Click on an item in the set below to see more info.
1. Create Conversations
3-year-olds use language to express their needs, feelings, and thoughts. They like to talk, and they like others to hear them.
2. Encourage Curiosity
Curious and communicative with the world around them, 3-year-olds start to understand and answer questions. They also like to ask questions about the experiences they encounters, like ducks in the park.
3. Speak in Sentences
3-year-olds are beginning to speak in complete sentences and follow grammar rules.
4. Dive Into New Books
With an increased vocabulary of 4,000 to 6,000 words, 4-year-olds usually speak in 5 to 6 word sentences.
5. Help Her Use Words Correctly
Learning so many words at a time, 4-year-old children often misuse words and mislabel objects. Children may mislabel a shopping cart a stroller or a baby carriage.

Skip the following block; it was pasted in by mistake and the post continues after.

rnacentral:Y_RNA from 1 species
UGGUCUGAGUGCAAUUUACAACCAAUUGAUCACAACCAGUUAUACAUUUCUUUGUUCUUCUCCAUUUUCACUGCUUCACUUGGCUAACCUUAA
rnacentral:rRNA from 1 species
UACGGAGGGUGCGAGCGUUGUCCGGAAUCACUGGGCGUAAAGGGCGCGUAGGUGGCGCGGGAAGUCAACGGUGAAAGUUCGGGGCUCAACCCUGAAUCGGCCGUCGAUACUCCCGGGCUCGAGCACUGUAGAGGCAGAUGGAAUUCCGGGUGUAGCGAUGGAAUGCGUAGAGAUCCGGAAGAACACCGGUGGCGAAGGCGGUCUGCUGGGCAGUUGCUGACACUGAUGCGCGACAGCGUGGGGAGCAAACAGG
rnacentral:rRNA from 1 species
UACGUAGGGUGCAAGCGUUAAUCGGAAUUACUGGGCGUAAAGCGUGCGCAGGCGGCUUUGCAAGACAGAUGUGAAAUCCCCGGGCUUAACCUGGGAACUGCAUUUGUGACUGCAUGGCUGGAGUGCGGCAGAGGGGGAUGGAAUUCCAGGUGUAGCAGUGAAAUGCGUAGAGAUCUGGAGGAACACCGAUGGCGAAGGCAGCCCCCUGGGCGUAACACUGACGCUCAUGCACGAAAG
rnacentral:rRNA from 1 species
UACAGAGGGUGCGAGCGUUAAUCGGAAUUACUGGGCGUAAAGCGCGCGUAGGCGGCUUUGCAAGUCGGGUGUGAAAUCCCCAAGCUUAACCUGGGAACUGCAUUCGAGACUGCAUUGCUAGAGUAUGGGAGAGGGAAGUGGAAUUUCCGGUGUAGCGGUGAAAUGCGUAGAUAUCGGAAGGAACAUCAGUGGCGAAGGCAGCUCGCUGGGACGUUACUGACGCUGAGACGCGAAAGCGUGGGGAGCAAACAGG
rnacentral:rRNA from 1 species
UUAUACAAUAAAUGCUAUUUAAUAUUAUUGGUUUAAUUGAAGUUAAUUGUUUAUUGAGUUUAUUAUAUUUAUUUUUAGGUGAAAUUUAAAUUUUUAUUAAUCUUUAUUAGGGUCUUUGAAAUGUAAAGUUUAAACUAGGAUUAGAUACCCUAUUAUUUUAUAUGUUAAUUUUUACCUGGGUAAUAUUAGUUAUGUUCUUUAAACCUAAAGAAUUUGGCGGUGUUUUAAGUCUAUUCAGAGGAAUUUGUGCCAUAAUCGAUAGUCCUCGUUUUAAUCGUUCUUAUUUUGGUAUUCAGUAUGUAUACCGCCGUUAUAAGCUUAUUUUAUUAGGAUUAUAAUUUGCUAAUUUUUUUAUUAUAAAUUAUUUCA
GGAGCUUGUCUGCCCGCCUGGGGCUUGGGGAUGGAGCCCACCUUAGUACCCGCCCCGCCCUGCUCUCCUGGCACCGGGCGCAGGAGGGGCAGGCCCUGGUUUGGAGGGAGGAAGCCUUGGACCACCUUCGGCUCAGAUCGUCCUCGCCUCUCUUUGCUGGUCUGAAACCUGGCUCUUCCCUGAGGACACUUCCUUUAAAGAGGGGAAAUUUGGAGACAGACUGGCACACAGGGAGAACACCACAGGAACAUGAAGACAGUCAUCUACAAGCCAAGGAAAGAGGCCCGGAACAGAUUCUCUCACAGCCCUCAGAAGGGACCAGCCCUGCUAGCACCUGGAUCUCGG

6. Teach Her the Exceptions to the Rules
4-year-olds are just learning verb tenses, plurals and pronouns. They often extend language rules without incorporating language exceptions. “Went” is “goed,” “kept” is “keeped,” and “children” is “childs.”
7. Emphasize Dialogue
Excited to talk and be heard, 4-year-olds often have difficulty letting others speak. Teach your child how to listen to others and take turns speaking.
8. Have Fun with Vocabulary
Speaking with more words in a sentence and with more complex sentence structures, 5-year-old children's vocabularies expand to 5,000 to 8,000 words.
9. Teach the Conventions of Conversation
5-year-olds learn to listen to others, take turns speaking, and interrupt less frequently. "Show and Tell" allows children to take turns speaking and listening to a group.
10. Inspire Words of Wonder
Learning difficult vocabulary for topics of interest is not uncommon. A 5-year-old who loves dinosaurs may know the words “Stegosaurus” and “Tyrannosaurus Rex."